Secondly, when Americans go to Canada or Mexico to get cheaper pharma, it's not the Canadian or Mexican economy they are affecting, it's the American Economy that feels the cost, because it's AMERICA that supplies Canada and Mexico with much of their drugs. I actually think it's a good thing for Americans to go to Canada for prescriptions. The ultimate effect will be an equalizing affect on the cost of prescriptions here. The competition will ultimately bring down prices here in the USA and raise prices in Canada and Mexico....it will also leave Canada and Mexico with shortages, since they can only buy limited supplies of prescription drugs from America (That consequence is not necessarily a good thing, but that's what happens when you impose price controls and supply limits in a nationalized system).

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Originally Posted by ladelfina View Post
The Italian PUBLIC health system is not some kind of absolute jail like you keep wanting to make it out to be.

You assumed I couldn't get needed supplies if I had to through the Italian system. I showed you that this isn't so. But I am not going to spend even an hour here running around to get a $10 item I can have sent in an envelope for a buck from the US, just to make you happy.
I don't think the Italian system is a jail. I just think some of your earlier comments have proven the point that when it comes to the more serious diseases, you have to jump through hoops to get treatment or supplies...especially if you are not among the wealthy who can go outside the system for private care. When people from outside the USA use our system for a fallback for the inconveniences of thier gov't systems, it affects our total cost per capita, and those figures are not taken into account.

We cannot AFFORD to have everyone covered without any out of pocket responsibility here. If we do that, there will be serious consequences with accessibility for high-level care....not just for poor people, but for everyone.
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Old 06-28-2007, 12:36 PM   #6
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Look, you've lost me completely by now.

First it was:
BAD because I bought a CPAP filter from the US because it makes US care look expensive (--even tho' it helps the American economy--)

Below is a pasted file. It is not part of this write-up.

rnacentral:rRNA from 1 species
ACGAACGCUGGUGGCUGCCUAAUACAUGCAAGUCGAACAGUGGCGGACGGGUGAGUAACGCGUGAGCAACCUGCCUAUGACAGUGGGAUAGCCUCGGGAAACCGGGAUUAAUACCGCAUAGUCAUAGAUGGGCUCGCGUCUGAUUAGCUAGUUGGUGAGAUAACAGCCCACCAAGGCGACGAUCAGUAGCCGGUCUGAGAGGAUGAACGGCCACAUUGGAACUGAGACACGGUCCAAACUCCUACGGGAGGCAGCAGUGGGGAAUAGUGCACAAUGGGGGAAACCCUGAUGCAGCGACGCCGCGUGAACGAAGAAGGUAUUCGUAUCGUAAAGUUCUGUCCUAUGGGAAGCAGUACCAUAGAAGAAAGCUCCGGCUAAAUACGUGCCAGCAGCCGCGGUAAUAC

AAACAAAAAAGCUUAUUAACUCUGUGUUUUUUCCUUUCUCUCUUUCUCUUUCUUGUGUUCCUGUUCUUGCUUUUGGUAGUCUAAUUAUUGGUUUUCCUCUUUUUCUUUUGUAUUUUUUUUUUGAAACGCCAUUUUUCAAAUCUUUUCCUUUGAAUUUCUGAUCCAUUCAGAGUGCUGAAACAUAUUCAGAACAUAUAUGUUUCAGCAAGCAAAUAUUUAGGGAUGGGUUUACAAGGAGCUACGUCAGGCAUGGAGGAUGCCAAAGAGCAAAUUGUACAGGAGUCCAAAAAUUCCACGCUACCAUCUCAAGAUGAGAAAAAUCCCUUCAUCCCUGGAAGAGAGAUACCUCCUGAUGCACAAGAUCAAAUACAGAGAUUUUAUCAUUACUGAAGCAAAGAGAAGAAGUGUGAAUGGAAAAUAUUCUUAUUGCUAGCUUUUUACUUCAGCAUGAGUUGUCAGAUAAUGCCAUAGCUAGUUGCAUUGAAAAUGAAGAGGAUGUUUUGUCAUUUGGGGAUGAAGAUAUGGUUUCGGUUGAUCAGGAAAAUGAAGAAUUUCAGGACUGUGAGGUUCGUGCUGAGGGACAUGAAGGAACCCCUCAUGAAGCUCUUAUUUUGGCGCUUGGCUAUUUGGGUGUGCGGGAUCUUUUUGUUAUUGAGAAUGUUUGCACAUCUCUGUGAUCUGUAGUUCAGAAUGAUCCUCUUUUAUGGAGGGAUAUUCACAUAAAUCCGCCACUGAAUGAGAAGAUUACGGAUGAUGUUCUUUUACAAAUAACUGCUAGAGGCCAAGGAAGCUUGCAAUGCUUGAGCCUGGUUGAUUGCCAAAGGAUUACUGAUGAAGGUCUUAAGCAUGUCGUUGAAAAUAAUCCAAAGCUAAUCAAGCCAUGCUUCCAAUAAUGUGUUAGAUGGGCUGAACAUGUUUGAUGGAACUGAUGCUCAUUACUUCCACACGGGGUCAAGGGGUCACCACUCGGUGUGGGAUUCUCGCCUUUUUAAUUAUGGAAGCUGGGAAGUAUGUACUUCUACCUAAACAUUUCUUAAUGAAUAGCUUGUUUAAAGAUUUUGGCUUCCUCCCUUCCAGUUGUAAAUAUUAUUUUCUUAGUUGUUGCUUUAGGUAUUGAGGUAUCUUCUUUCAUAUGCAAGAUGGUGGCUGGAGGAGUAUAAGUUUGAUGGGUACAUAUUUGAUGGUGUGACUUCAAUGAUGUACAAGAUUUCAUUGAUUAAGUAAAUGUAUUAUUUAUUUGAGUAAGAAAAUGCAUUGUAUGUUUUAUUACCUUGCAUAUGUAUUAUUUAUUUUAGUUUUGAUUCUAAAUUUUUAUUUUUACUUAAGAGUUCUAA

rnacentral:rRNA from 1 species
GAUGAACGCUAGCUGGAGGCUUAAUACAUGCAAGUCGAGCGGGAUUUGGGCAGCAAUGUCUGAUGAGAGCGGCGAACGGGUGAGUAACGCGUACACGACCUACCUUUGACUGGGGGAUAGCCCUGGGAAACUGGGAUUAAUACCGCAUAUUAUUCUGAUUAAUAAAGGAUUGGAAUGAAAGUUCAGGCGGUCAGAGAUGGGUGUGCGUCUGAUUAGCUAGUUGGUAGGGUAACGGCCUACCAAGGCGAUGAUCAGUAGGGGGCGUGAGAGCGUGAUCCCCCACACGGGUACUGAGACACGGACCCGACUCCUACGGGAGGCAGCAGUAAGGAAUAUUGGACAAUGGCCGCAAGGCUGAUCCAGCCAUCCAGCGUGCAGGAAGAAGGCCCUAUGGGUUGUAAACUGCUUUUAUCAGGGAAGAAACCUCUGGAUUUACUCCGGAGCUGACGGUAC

But if Americans buy anything abroad, that's BAD too because it hurts the American economy (--even tho' it makes US care look cheaper--).



Then you implied the Italian system was:
BAD because you figgered I couldn't get these supplies for 'free'.

But the US system is GOOD exactly BECAUSE people DON'T get them for 'free'.



Then you yourself call apnea both "life-threatening" and a "serious disease" which allows you to lump a stupid filter in with a brain tumor or something.
You're certainly being more generous than my HMO (when it suits your purpose); those are stronger terms than I ever used IIRC. If it were such a big deal and not a 5-cent piece of foam I'd make the primary care appt. and then the specialist's appt. and do the co-pays and get the prescription.. those are the "hoops"! Same as in the US.

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Old 06-28-2007, 12:57 PM   #7
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Look, you've lost me completely by now.

First it was:
BAD because I bought a CPAP filter from the US because it makes US care look expensive (--even tho' it helps the American economy--)
W'ere obviously not communicating very well here because I don't think I ever said it was bad for Americans to go outside of America to get care. In fact, I said it was good for Americans to go to Canada and Mexico for prescriptions, because the competition will ultimately bring down prescription drug costs here in the USA.

I also didn't say "the US system is GOOD exactly BECAUSE people DON'T get them for 'free.....

What I said was that I didn't mind paying my deductible for durable medical equipment (things like CPAP machines and supplies) because I know that I won't have to wait or jump through hoops to get the equipment that I need to survive when I need it.

The implication that the Italian system was bad was not because the supplies weren't free (that was sarcasm), but because the supplies are not readily available there without having to jump through hoops. As a reminder here is what you said about having to get supplies in Italy: